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The First Samnite War (343-341 BC) was the first of three clashes between Rome and the Samnite hill tribes, and ended in a Roman victory that saw the Republic begin to expand into Campania.
The first war broke out as a result of a Samnite attempt to expand to the west. In 343 BC they attacked the Sidicini, a smaller tribe on their south-western border. The Sidicines called for help from Campania, their southern neighbours. Capua, the most important Campanian city state and leader of a northern Campania league, responded to the call, but their army was badly defeated on Sidicini territory. The Samnites then advanced south into Campania, defeated the Campanians for a second time outside Capua, and then besieged the city.
The Campanians sent envoys to Rome to ask for help. This presented the Romans with a problem. The Samnites had been their allies for the last decade, but the Romans couldn't afford to see them expand into the fertile coastal plains of Campania. According to Livy at first the Senate refused to turn on their allies. The Campanians responded by surrendering their league into Roman hands. This forced the Senates hands. Envoys were sent to the Samnite assembly asking them not to attack the new Roman territory. When the Samnites refused to agree to this request the Romans declared war.
Both of the consuls for 343 B.C. led armies against the Samnites. Marcus Valerius Corvus was sent into Campania, while Cornelius Arvina invaded Samnium.
Valerius was the first to clash with the Samnites. He advancd south into Campania, eventually reaching Mount Gaurus, west of Naples and some way to the south of Capua (Livy doesn't say if this move forced the Samnites to lift the siege of Capua). A hard fought battle followed (battle of Mount Gaurus), which lasted until night fall, by which time the Romans had the upper hand. The Samnites withdrew from the battle field, and the siege of Capua was definitely lifted.
Cornelius Arvina led his army just across the border into Samnium. As he advanced from Saticula he marched into a Samnite trap in a narrow valley. He was saved from disaster by P. Decius Mus, a military tribune, who led part of the army onto a high peak overlooking the valley. This caused enough confusion for the main army to escape the trap, and on the following day the Samnites suffered a second defeat.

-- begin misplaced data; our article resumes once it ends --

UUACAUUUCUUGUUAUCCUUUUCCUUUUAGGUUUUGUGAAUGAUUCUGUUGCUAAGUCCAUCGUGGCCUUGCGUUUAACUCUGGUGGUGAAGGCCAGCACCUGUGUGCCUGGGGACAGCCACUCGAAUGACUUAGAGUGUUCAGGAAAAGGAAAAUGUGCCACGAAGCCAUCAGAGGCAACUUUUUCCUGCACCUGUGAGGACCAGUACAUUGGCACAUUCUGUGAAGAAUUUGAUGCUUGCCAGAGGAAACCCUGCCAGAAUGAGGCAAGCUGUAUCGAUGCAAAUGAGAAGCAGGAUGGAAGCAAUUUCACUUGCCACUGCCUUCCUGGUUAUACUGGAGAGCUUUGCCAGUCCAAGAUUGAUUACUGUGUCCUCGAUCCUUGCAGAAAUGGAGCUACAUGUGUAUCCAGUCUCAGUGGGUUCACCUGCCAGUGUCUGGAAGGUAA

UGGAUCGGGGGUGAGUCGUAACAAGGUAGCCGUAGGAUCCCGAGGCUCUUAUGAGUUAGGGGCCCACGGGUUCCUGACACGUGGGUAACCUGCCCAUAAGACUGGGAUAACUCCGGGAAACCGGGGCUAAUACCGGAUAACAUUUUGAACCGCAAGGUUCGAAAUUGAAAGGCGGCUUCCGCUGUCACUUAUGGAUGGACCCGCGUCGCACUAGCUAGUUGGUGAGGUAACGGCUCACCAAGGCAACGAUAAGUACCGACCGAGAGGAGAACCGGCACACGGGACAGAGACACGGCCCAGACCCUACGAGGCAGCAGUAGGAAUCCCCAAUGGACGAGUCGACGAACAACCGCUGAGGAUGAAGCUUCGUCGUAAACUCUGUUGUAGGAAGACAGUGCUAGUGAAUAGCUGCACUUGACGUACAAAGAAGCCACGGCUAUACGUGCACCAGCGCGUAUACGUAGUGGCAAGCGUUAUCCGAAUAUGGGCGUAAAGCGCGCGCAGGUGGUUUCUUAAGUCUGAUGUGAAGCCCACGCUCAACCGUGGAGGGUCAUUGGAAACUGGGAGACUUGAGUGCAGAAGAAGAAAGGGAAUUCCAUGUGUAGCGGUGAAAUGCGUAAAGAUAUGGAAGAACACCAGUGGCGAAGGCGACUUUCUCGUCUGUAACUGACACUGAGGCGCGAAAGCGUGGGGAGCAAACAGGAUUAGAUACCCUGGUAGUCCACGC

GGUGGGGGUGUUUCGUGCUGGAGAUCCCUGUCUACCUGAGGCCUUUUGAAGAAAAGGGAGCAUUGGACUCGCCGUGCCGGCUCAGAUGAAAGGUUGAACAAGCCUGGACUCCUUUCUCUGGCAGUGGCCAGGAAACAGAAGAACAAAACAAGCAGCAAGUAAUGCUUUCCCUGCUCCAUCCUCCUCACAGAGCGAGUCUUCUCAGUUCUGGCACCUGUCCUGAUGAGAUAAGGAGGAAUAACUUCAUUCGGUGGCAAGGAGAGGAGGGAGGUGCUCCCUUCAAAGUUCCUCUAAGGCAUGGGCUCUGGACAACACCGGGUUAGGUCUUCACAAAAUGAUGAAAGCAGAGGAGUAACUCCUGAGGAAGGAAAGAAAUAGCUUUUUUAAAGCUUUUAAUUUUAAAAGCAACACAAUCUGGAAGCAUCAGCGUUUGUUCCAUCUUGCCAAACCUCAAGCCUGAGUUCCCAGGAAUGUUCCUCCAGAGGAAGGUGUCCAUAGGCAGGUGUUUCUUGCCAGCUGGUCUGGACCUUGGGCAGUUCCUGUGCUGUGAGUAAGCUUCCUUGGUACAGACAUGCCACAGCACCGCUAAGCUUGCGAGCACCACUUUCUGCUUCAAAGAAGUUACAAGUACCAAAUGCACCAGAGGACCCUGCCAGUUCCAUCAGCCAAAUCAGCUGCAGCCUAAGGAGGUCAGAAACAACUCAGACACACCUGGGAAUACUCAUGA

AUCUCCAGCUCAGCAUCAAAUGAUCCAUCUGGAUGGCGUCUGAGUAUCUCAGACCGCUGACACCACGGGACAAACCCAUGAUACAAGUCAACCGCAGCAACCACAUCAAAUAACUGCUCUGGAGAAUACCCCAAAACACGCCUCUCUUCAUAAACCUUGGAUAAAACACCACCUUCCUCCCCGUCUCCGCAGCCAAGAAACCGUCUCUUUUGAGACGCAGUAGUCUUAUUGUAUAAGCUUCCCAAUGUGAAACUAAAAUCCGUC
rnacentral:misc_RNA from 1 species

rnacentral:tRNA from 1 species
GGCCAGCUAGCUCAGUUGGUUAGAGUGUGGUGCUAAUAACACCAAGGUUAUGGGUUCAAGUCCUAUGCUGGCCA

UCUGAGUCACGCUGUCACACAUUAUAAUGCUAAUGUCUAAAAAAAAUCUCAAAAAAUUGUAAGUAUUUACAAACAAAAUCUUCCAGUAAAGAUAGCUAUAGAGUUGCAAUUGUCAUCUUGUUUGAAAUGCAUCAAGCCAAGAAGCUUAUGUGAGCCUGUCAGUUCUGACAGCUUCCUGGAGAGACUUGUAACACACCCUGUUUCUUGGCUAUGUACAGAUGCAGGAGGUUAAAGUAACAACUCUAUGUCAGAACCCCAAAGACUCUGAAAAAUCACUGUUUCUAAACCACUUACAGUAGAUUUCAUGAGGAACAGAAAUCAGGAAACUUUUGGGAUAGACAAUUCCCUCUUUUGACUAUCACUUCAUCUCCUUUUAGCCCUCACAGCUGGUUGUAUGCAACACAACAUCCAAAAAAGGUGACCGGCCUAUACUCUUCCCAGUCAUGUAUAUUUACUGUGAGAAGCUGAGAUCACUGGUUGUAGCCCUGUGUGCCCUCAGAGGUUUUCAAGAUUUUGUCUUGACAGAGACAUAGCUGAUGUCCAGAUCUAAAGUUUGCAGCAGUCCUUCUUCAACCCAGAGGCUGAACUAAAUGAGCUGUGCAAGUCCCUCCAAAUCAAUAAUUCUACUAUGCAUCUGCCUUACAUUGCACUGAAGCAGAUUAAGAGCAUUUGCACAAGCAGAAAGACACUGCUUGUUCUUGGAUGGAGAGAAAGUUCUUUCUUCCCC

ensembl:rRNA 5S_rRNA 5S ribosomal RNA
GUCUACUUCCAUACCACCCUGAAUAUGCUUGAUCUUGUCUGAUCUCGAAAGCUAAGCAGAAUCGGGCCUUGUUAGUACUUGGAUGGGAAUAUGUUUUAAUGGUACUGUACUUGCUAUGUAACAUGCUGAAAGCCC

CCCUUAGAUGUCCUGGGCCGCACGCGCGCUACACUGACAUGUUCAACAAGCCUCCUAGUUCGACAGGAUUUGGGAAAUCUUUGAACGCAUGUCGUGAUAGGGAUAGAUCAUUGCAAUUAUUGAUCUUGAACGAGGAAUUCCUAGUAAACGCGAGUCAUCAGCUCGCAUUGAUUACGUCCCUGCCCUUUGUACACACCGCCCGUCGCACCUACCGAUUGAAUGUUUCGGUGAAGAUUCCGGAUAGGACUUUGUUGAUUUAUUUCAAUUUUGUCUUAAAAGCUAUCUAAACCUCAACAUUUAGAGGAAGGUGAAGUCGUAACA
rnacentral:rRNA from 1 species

Throughout the Samnite Wars the Samnites showed an impressive ability to form new armies (or suffered much smaller losses than recorded by the Romans). A new Samnite army was formed, and advanced into Campania. Valerius marched back towards Capua from his camp, presumably still at Mount Gaurus, and won his second victory of the war at Suessula.
This victory effectively ended the war, although peace was not restored until 341. Part of the Roman army mutinied in 342, preventing the Republic from taking any offensive action, and by 341 BC it was clear that Latium was about to revolt. The consul L. Aemilius Mamercus led an army into Samnium, where he was met by Samnite peace envoys. They asked for an end to the war and the right to continue their attack on the Sidicines. The Romans agreed to these terms, in return for an indemnity equivalent to one years pay for the army.
This change of attitude can probably be explained by the outbreak of the Latin War. It drove the Campanians and Sidicini into the Latin camp, effectively reversing the alliances of the Samnite War (presumably the Romans believed that the Samnites were a more dangerous threat than the Campanians), and meant that part of the Latin War would be fought in Campania.
|Roman Conquests: Italy, Ross Cowan. A look at the Roman conquest of the Italian Peninsula, the series of wars that saw Rome transformed from a small city state in central Italy into a power that was on the verge of conquering the ancient Mediterranean world. A lack of contemporary sources makes this a difficult period to write about, but Cowan has produced a convincing narrative without ignoring some of the complexity. [read full review]|
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